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While there are great ways to celebrate Earth Day this Saturday, April 22, we should be incorporating Earth-friendly practices in our daily lives. Earth Day shouldn’t be one day—we should uphold the values of this special day every day. So by all means, go out and volunteer, attend rallies and events, and educate yourself this Saturday. But use Earth Day as the foundation to start practicing more sustainable living every day of the week.
Earth Day

Celebrate Earth Day Every Day


Cut your carbon footprint by biking or walking to work, or when you're doing errands in your neighborhood. Start out by doing it once a week on a nice, not-too-hot day. Then commit to two or three days a week. Or make a pact to bike during the best season where you live. If you're in a warm climate, it might be more enjoyable to bike during the fall or winter months. The reverse holds true for those living in cooler climates. 

But not everyone can walk or bike to work. You might live too far away from the office or it just isn't safe enough, If that's the case, then look into public transportation or car pooling. You'll still reduce your carbon footprint.


If you don’t already recycle at your home or business, now is the time to start! Most communities offer some form of recycling. Single-stream recycling tends to be the easiest since you don’t have to separate materials. Throw newspapers, plastic bottles, cardboard, and more all in one recycling container. Check your local resource recovery or waste management department for details on how to recycle in your neighborhood.

For those of you living in an apartment, see if your property management has recycling bins. If they don’t, work with them on setting up a recycling program. You can contact your local trash and recycling service to get started.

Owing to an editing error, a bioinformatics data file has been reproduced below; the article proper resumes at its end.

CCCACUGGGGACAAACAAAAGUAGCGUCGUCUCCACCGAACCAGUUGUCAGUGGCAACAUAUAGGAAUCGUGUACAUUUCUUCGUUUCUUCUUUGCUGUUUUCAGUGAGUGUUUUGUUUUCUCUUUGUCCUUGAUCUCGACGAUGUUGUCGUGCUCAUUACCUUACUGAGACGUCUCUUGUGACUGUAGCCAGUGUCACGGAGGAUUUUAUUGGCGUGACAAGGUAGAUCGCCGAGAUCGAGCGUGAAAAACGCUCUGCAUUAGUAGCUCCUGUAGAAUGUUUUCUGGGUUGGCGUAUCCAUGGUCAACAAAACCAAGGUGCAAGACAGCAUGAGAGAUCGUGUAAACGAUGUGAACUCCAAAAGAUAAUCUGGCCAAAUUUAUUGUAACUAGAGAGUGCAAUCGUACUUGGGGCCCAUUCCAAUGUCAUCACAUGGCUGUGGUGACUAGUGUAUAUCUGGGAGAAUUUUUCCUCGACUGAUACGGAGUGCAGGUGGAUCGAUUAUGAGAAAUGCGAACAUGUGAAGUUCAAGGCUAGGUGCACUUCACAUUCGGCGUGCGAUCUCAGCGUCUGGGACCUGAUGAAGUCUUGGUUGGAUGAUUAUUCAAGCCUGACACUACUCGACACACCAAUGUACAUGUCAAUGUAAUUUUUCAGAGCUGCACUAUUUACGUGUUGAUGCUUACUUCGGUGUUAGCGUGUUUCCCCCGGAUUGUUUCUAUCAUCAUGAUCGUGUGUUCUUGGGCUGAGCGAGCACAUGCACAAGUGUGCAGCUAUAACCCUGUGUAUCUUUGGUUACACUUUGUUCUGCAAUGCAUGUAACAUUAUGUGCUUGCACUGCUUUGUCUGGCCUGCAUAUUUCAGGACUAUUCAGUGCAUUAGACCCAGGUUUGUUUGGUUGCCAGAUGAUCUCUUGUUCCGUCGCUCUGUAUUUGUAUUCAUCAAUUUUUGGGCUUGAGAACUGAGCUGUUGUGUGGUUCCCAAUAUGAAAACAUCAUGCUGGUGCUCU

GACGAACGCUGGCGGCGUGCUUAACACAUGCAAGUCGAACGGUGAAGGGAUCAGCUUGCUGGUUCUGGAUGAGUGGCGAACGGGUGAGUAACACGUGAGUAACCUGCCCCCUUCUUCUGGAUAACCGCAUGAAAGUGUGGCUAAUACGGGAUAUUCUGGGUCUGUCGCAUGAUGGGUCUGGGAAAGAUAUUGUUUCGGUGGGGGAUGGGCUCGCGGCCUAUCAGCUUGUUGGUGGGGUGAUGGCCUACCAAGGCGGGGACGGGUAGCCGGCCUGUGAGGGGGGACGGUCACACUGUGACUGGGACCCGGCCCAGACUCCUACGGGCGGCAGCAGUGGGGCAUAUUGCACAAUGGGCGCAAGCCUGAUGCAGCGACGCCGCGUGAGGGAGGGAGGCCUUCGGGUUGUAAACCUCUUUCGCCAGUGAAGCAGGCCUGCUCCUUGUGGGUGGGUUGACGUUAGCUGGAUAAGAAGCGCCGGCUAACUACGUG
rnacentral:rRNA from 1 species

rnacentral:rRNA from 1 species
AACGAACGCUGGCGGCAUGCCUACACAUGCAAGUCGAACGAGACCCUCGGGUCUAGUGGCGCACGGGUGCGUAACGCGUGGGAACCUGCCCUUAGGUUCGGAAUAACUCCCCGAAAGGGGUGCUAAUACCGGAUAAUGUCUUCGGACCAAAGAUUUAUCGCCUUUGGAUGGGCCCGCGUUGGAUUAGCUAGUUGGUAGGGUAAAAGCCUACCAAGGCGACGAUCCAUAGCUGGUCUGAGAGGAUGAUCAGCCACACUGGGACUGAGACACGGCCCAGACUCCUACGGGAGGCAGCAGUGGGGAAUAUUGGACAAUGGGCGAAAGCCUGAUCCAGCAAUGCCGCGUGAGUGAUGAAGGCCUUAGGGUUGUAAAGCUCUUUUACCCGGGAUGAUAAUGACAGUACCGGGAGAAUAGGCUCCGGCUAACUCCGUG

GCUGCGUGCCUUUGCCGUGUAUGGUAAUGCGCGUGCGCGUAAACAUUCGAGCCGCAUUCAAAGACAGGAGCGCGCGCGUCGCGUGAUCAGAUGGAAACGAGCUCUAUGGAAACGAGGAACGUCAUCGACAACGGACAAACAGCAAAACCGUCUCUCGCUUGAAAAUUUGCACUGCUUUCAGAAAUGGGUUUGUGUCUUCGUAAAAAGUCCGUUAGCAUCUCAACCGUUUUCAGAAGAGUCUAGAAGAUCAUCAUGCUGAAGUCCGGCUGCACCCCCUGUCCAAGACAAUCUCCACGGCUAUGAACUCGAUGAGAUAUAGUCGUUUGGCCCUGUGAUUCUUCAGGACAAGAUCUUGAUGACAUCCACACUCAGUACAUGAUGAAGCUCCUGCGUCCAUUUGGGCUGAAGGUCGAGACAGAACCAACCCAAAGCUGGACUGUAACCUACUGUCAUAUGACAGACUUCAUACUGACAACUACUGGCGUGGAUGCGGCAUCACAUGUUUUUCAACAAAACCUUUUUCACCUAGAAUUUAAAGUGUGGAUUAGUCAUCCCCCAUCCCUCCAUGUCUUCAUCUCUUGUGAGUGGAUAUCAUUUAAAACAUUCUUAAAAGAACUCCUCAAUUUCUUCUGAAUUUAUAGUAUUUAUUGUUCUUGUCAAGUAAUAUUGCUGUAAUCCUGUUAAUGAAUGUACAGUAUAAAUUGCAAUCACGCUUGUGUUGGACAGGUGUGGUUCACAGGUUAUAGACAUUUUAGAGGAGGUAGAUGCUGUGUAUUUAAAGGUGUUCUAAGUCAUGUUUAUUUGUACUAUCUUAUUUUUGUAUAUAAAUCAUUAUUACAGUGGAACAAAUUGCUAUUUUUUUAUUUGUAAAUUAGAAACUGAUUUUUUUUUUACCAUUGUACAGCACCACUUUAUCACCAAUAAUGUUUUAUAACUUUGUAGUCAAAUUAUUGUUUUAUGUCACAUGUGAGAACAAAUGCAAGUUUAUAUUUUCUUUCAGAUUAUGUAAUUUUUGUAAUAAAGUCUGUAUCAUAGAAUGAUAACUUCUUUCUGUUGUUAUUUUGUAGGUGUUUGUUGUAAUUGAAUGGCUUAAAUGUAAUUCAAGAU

The same process applies to your office. If you don’t already recycle at your office, check with building management first to find out if recycling is available in your building.

Take recycling a step further and buy recycled products. Most local big box stores sell recycled printer paper, paper towels, and other paper goods. You want to buy a paper product that is made of 100% recycled post-consumer paper. Or look for the FSC-certified seal, which maintains that the paper was “sourced in an environmentally friendly, socially responsible, and economically viable manner.”

Native Plants

Ditch that manicured lawn in favor of natural landscaping. Native plant habitat restoration supports wildlife much more so than a “perfect” lawn laden with pesticides. As the National Audubon Society says, “By creating a native plant garden, each patch of habitat becomes part of a collective effort to nurture and sustain the living landscape for birds and other animals.” You can find which plants are native to your area by using their database.

Invest Wisely

Pay attention to your investments. Many related companies are typically bundled in mutual funds and 401k plans. If you don’t check which companies are in your chosen plan, you may be investing in a business that is detrimental to the environment. If you care about the Earth, you need to care where your money is invested.

Spend Sensibly

Sticking with the money theme, you should also try buying wisely. Do you really need another pair of shoes or a new phone? In the United States, we tend to buy indiscriminately. If you want something but don’t really need it, then don’t buy it. And when you do buy products, do your research. How are those designer jeans made? Would it be better to shop for gently used clothing at vintage or thrift stores?

If you want some other simple but powerful tips to honor Earth Day, check out here and here.

Do you have any easy eco-friendly tips on leading a more environmentally friendly life? Share below or on Facebook and Twitter.


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